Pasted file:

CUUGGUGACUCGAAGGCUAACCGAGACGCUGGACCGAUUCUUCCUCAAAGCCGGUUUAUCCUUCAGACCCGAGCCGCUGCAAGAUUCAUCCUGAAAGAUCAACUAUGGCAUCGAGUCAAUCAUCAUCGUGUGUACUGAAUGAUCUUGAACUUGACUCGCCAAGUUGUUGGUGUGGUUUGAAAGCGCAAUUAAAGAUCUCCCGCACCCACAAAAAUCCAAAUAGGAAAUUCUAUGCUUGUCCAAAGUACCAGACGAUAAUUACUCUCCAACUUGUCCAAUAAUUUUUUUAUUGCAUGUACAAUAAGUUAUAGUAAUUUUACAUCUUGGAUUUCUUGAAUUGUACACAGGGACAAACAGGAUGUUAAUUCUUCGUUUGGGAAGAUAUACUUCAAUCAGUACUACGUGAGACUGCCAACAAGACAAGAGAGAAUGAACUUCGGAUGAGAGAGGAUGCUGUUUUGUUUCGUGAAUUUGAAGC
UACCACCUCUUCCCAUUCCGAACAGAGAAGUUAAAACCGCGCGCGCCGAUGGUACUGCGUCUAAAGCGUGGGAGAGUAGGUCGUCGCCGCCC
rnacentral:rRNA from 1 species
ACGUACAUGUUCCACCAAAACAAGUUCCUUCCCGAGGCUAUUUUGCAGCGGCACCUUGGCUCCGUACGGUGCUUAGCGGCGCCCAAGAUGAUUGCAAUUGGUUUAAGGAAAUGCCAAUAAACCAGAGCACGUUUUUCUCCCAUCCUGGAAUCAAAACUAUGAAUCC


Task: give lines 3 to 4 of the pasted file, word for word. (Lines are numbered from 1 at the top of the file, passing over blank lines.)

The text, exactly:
rnacentral:rRNA from 1 species
ACGUACAUGUUCCACCAAAACAAGUUCCUUCCCGAGGCUAUUUUGCAGCGGCACCUUGGCUCCGUACGGUGCUUAGCGGCGCCCAAGAUGAUUGCAAUUGGUUUAAGGAAAUGCCAAUAAACCAGAGCACGUUUUUCUCCCAUCCUGGAAUCAAAACUAUGAAUCC